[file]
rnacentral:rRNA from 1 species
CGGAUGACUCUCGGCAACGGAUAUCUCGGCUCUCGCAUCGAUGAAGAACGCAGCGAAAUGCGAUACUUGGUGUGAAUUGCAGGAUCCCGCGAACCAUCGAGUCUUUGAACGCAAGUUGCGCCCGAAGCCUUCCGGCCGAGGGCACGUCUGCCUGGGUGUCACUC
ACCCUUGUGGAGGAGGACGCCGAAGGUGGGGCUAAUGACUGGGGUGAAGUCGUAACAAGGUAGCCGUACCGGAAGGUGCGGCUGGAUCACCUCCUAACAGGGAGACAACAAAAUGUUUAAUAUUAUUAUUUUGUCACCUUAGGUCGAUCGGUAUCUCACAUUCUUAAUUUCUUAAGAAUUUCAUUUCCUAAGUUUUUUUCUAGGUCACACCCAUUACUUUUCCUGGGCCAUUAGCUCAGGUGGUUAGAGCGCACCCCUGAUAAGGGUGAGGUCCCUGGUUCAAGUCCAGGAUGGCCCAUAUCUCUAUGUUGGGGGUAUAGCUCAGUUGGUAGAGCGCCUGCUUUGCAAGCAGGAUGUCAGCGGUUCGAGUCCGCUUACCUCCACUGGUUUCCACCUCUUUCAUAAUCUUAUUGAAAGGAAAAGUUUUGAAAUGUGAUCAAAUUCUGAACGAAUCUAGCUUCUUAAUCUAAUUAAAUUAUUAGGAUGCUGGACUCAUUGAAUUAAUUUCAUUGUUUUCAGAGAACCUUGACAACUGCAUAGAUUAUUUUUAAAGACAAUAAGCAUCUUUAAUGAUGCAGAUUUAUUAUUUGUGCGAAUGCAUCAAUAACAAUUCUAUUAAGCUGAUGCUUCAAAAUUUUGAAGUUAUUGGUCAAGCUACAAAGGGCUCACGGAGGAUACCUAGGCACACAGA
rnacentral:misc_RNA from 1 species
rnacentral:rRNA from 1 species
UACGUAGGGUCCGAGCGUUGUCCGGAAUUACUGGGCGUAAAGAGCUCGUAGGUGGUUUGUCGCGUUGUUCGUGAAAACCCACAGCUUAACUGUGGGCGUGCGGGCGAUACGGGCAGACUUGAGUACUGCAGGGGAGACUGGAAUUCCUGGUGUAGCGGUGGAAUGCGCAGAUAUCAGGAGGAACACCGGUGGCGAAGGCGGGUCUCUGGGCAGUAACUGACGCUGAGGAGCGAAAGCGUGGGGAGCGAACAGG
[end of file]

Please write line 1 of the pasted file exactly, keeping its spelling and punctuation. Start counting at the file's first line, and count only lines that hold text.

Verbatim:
rnacentral:rRNA from 1 species